The way I understand the question under discussion however would be a nightmare for me personally. Leaving aside the questions of how to (ever-) make such an application feature equivalent to the webinterface or how to allow external contributors to allow development of new functionality and features, having to write an 'app' would mean doing everything at least three times, once for the webinterface, once for android (and there is android/ ARMv6. android ARMv7, android ARMv8, android/ x86_64, android/ mips), once for iOS, immediately trippling the development efforts (as they won't share a lot of code).

But the suddenly much higher development efforts aren't about my nightmares - my nightmares are about interoperability. As mentioned before, I've been playing with a wide spectrum of networking devices for over 3 decades now, I've seen standards come and go. My memories of ISDN pbx systems requiring RS-232C connections and DOS configuration tools aren't too fond, neither those ISDN pbx systems that were USB based, but whose tools only worked on Windows XP-SP2. Or the switches that hard-depend on JAVA JRE1.2 or MS ie 5.5. Some of these still cross my path today, way past their experation date - and it's not funny to keep virtual machines with ancient software at hand, nor to keep using notebooks with native (USB emulation isn't good enough) RS-232C interfaces at hand. I don't even want to be remembered about Windows CE or Windows mobile/ Windows RT (ARM). Especially 'invisible' infrastructure devices have a tendency to stick around for a long time, it is an advantage if those can be configured by a 10-year-old notebook with an equally ancient browser just as well as with the zPhone XXX from the year 2033, ~if man is still alive, if woman can survive, they may thrive~.

Yes, a webinterface might not be as hip or sexy as native smartphone app, but do you really need[4] a self-concious, cloud backed[5] smartphone app, which live tweets how bored it is?

--
[0] Neither of these can really do without a webfrontend completely, even if the primary focus is on their vendor based tools.
[1] where the alternative webinterface was really something to 'get used to', albeit technically full featured; contemplated with proprietary ssh/ telnet shells.
[2] OpenWrt comes with a lot of luci apps, plugins which hook into the common core without having to be officially blessed, adding features that would never be part of any smartphone app.
[3] well, at least if you concentrate on a single smartphone eco-system.
[4] or want?!
[5] quick, need to add a.i. acceleration and blockchains somehow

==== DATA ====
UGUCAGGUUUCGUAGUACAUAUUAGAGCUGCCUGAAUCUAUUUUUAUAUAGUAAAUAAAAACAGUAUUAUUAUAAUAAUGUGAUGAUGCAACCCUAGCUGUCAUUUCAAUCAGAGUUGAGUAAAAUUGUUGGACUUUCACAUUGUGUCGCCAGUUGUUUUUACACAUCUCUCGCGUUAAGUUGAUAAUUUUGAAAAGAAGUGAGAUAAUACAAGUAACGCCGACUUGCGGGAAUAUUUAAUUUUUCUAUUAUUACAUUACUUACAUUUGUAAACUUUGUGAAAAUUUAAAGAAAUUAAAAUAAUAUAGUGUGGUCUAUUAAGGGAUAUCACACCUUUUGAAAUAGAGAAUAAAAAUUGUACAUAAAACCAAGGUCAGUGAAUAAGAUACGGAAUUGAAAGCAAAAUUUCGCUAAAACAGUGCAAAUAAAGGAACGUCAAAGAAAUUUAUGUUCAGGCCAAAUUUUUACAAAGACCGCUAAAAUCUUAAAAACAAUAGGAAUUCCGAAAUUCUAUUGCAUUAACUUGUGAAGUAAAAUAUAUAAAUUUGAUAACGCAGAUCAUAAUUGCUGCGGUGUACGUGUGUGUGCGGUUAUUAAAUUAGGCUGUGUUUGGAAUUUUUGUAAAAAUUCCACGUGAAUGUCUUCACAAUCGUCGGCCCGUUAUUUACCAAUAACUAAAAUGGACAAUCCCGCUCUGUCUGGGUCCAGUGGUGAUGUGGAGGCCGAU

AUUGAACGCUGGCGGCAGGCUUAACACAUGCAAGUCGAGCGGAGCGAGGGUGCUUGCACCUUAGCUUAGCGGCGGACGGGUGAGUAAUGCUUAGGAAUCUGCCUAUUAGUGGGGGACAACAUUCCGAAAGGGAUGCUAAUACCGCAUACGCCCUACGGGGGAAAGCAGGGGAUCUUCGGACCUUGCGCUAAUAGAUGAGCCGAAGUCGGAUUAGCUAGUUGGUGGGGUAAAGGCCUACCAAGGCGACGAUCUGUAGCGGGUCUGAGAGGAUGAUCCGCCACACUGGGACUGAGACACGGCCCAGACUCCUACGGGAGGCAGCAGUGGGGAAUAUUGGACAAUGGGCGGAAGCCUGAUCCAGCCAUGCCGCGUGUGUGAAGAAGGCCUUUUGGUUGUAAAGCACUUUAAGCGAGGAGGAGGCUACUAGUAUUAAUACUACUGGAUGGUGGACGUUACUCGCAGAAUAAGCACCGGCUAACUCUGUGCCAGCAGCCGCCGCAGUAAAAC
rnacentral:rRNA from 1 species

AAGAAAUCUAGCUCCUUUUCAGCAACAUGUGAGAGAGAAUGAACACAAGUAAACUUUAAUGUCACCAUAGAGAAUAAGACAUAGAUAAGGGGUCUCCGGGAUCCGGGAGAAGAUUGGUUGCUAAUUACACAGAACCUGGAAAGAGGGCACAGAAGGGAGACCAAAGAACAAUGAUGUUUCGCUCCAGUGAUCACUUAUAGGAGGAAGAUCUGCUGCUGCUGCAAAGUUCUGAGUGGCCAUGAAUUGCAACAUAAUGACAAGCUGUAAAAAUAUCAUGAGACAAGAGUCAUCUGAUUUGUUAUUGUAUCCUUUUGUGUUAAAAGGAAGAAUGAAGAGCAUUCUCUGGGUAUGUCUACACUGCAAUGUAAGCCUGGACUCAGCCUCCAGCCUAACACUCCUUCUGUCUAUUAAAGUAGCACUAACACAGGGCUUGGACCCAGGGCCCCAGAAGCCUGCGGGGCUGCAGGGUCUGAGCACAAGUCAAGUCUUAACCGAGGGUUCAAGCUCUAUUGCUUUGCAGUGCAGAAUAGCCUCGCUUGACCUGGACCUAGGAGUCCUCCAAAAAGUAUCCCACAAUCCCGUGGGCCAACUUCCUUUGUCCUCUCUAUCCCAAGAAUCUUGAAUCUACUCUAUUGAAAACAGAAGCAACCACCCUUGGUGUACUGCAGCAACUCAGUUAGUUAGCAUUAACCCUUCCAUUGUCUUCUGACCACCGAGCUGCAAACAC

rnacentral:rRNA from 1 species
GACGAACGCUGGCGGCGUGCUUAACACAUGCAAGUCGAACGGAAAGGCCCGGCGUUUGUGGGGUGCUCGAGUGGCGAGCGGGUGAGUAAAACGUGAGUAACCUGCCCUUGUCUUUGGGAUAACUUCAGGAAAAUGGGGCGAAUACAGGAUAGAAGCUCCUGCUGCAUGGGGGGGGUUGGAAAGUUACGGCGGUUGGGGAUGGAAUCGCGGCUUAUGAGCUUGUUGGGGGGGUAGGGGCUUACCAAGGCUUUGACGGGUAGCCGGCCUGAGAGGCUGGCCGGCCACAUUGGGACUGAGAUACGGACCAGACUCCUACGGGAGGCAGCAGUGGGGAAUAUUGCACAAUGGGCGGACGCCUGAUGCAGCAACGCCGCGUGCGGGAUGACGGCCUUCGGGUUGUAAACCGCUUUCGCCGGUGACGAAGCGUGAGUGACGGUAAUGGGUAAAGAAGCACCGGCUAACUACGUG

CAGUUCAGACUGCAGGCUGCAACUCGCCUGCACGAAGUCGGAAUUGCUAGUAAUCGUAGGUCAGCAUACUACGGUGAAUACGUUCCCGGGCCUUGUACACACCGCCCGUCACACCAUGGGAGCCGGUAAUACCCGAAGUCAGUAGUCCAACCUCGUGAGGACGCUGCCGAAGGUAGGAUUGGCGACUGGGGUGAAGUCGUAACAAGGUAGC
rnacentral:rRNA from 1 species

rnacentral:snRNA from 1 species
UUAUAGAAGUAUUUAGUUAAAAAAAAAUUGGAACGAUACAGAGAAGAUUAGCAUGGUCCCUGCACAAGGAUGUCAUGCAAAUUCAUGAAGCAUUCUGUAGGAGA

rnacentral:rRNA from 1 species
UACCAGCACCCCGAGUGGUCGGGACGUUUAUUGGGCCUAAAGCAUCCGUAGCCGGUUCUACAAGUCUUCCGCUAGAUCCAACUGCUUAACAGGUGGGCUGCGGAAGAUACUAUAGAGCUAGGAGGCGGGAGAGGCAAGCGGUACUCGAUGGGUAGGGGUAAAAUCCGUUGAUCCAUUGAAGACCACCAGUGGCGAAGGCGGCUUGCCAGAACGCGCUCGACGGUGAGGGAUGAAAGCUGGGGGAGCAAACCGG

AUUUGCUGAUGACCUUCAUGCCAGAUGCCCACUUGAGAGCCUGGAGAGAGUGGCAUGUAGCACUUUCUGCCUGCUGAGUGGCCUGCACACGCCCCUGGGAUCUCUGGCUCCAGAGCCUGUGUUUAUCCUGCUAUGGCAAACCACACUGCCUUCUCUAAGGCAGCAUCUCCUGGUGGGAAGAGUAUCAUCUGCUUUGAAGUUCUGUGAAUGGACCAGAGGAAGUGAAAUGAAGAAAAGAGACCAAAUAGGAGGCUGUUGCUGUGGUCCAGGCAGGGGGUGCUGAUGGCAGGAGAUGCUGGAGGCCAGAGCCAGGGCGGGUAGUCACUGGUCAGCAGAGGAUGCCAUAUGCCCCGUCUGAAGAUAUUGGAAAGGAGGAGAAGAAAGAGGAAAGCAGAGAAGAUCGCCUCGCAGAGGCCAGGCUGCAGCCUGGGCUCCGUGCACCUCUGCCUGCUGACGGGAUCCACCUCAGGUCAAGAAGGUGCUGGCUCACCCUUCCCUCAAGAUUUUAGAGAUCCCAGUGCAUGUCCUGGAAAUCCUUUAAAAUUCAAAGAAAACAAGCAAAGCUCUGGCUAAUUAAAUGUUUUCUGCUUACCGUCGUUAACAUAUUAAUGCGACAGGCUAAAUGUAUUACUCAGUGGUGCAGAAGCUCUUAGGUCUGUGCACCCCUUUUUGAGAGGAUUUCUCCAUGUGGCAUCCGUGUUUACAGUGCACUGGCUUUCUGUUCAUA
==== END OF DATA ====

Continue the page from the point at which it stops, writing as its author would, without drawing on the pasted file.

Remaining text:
…and now get off my lawn, young whipper snapper. Back in my day, we walked uphill, both ways, in the snow to school - and we were happy with it :wink:

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With all of the exposure I've had with computers and anything IT/tech related I will admit I do like GUI's. However, over the last few years I've started not shying away from CLI understanding Unix commands and how everything works. Sadly there isn't a GUI for absolutely everything in OpenWrt which I wish there was. If there was a LuCI app for everything I think a lot more people would move over to OpenWrt. User management for use with Samba and an FTP server and a device map to show all of the interfaces and devices connected to what are a few examples.

In regards to an app I think we could benefit from it. I have tried almost all of the themes and tried to view them on my mobile phone. The bootstrap works the best most of the time but some of the pages I have to flip my phone landscape to be able to see everything properly. System > Startup and Network > Switch are two examples.

The beauty of an app is being able to redesign the navigation aspect so it makes getting around the GUI of the router easier. For example pulling the screen from the left could show a menu, a floating bottom could bring up a popup window, realtime graphs of network activity could be on its own screen and quick toggle buttons that restart services, turn the WiFi on/off or re-enable a network share.

Gosh if I could code both an app and make LuCI apps for the web GUI I would devote time to improving OpenWrt especially from a graphical point. I have so many ideas but I think some of them are just dreams.

You could argue at the end of the day OpenWrt in an embedded Linux system and for anyone to use OpenWrt they must understand Unix to some degree. I got into OpenWrt at Chaos Calmer 15.05 and had little to no experience with Unix or Linux, and therefore I heavily relied on the GUI. My point is, with more powerful OpenWrt capable devices becoming more popular, what's stopping us from creating LuCI apps and smartphone apps for this brilliant open-source firmware?